Gillibrand Calls For Congress To Curtail Trump’s Ability To Declare War
U.S. Sen. Kirsten Gillibrand (D-NY), Ranking Member of the Senate Armed Services Personnel Subcommittee, yesterday called for Congress to pass her War Powers Reform Resolution, which would repeal the 2001 and 2002 Authorizations for the Use of Military Force, and restrain President Trump or any future president from using open-ended authorizations to unilaterally engage in military actions.
Gillibrand’s call for the resolution comes in the continuing crisis with Iran.
“I am greatly relieved that Iran’s retaliatory missile strikes did not result in casualties to U.S. service members caught in the middle of these hostilities. My thoughts are with U.S. troops and diplomats in the region and their families.
“This crisis was unnecessary and avoidable. Without seeking congressional authorization or presenting a clear strategy, President Trump brought us to the brink of war with Iran. Furthermore, President Trump’s actions have severely damaged our relationship with Iraq, which has called for expelling U.S. troops, an action that would create chaos and enable ISIS to regain power. Make no mistake—President Trump has made us less safe.
“It is not clear that this crisis is over. President Trump must not take further military action unless he notifies Congress immediately and obtains authorization based on a clear explanation of the goals of military action, our adversaries, and the countries where our service members would be sent into conflict. The United States must embrace diplomacy and work with our allies in the region to de-escalate this situation and forge a lasting peace.
“Congress should pass my War Powers Reform Resolution, which would repeal the 2001 and 2002 Authorizations for the Use of Military Force, and restrain President Trump or any future president from using open-ended authorizations to unilaterally engage in military actions. Congress must assert its authority before it’s too late,” Gillibrand said.
Addabbo Continues Push To Legalize Mobile Sports Betting
State Sen. Joseph P. Addabbo, Jr., (D-Howard Beach, Ozone Park, Woodhaven, Glendale, Middle Village, Maspeth and parts of South Ozone Park, Ridgewood, Woodside, The Rockaways), chairman of the Senate Standing Committee on Racing, Gaming and Wagering, made the following statement in response to Governor Cuomo’s 2020 State of the State Message to the Legislature:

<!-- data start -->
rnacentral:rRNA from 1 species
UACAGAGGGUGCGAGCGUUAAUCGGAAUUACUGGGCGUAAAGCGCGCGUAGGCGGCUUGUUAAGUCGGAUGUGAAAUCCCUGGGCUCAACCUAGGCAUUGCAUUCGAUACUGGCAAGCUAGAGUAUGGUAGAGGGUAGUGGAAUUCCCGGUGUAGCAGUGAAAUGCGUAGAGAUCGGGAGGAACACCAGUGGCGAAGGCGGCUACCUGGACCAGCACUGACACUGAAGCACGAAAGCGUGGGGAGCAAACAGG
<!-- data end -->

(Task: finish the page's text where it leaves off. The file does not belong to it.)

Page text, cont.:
“As we go into a very difficult fiscal year, facing a state budget deficit of more than $6 billion, and working on many initiatives mentioned in the Governor’s State of the State, I look forward to working with Governor Cuomo and my legislative colleagues to identify new sources of revenue to help close the budget gap, revitalize our economy, support local families and businesses, increase educational funding and continue to provide vital services to New Yorkers in need.
“First and foremost, to address these issues, I will continue to advocate for the implementation of mobile sports betting in New York State, which will curb the flow of dollars to nearby states, that could be used – now and in the future – to balance the state budget and provide needed funding support for education and create jobs. We took a step forward last year in permitting sports betting in several upstate casinos, but adding the mobile wagering component is crucial to reaping the benefits of this gaming activity and enabling us to compete with other states.
“I also intend to explore options that may be pursued with regard to the three unused casino licenses that are still available to launch gaming facilities in the downstate region. These licenses represent an untapped source of revenue for New York State, which could also be directed to important state programs and funding for our schools. I will be holding a public hearing of the Racing, Gaming and Wagering Committee on January 22nd to begin gathering public and industry input on how we can best place these casino licenses on the front burner.
“This will be a very challenging year on many levels, and I am pledged to pursuing initiatives that will be part of the solution to the fiscal and public policy issues we are confronting.”